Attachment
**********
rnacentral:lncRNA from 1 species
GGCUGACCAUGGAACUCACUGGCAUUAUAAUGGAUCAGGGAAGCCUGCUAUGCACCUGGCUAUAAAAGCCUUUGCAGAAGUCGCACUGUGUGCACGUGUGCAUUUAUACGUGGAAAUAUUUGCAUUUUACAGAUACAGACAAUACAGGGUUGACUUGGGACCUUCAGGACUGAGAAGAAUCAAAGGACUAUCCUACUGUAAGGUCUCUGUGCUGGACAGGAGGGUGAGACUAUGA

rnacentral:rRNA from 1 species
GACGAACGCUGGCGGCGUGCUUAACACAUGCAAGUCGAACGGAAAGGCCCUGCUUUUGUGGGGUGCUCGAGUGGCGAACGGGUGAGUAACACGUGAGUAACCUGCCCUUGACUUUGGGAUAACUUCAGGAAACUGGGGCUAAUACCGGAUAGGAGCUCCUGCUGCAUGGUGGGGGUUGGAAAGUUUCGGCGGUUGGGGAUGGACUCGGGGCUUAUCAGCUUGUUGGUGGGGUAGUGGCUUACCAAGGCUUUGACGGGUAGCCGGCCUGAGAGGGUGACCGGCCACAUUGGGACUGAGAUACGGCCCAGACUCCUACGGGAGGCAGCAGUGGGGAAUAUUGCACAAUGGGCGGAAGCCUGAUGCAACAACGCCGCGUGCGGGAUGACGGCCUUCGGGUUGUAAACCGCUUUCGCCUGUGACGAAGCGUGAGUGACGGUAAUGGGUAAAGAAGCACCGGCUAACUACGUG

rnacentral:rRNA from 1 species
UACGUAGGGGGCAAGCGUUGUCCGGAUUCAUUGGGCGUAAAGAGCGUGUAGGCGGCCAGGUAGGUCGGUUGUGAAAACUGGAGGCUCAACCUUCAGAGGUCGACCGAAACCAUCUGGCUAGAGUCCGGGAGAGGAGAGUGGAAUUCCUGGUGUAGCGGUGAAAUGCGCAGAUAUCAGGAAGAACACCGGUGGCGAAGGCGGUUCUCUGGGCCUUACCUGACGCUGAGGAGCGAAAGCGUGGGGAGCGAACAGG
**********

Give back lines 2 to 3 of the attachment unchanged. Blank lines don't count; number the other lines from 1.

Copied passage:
GGCUGACCAUGGAACUCACUGGCAUUAUAAUGGAUCAGGGAAGCCUGCUAUGCACCUGGCUAUAAAAGCCUUUGCAGAAGUCGCACUGUGUGCACGUGUGCAUUUAUACGUGGAAAUAUUUGCAUUUUACAGAUACAGACAAUACAGGGUUGACUUGGGACCUUCAGGACUGAGAAGAAUCAAAGGACUAUCCUACUGUAAGGUCUCUGUGCUGGACAGGAGGGUGAGACUAUGA

rnacentral:rRNA from 1 species